Scott Reyburn discusses the impact of changing tastes upon the market for antique furniture where the middle and bottom end of the market has slumped severely. Meanwhile, dealers have figured out that selling exceptional works requires repositioning them for Contemporary tastes which may mean isolating that piece in a stark setting rather than presenting it in period detail.
So the question on many collectors’ minds now is just how low can the price of period English furniture go? The British-based Antique Collectors’ Club’s Annual Furniture Index (AFI), based on a mix of auction and retail prices of 1,400 typical items, fell by 6 percent to 2,238 in 2013. The index has been on a slide for more than a decade after reaching a peak of 3,575 in 2002.
“For nice furnishing things, prices are as low as I can remember,” said Paul Beedham, an early oak specialist dealer in Derbyshire. “The professional classes who used to buy just don’t have the money any more. They’re struggling to pay their mortgages and car loans.”
But while prices for middle- and lower-range antique furniture might be at an all-time nadir, exceptional collector pieces can still sell for substantial sums. Mr. Beedham sold a 16th-century turned oak armchair associated with Queen Elizabeth I’s lord chief justice, Sir John Popham, to an American collector for between £40,000 and £50,000 at the LAPADA Art & Antiques Fair in London’s Berkeley Square, which closed on Sept. 28.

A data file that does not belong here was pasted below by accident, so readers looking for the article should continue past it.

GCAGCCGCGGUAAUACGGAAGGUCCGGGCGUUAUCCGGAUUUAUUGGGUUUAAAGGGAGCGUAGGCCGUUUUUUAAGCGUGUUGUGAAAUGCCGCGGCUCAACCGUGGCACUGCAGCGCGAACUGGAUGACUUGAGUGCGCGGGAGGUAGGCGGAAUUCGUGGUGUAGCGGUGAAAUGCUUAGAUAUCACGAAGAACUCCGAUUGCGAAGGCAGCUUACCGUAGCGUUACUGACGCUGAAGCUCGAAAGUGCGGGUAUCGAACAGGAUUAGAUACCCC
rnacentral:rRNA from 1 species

The lingering question that Reyburn’s article brings up is at what moment will the low prices for good antiques attract buyers who can no longer afford Midcentury Modern furniture. The FT’s Susan Moore hints at that turn in her report on the recent Biennale des Antiquaires in Paris:
Laurent Kraemer was almost embarrassed to report that at the very highest level there had been no significant downturn in trade. What he did note was a change in clientele: younger clients, in their late thirties and forties and mostly from London or the US, who were tiring of editioned contemporary furniture and beginning to buy one or two exceptional one-off pieces. Costly they may be, but not as costly as the Anish Kapoors and Warhols that are hung above them. More revealingly, in the past year the big French interior designers had started to come back.
According to Bill Pallot of Didier Aaron & Cie: “This is an era where decorative styles are moving towards a heightened sense of freedom and a wider range of tastes and diversity. Today, the boundaries between the past and the present are blurring, and the innovation and inventive spirit of 18th- and 19th-century designers is considered to be just as spectacular as that displayed by current artists.” He regards the new galleries as “key to leading the way to a new approach to the 18th century, which is simultaneously youthful, fresh and appealing.” T
A Shift in the Antiques Market (NYTimes.com)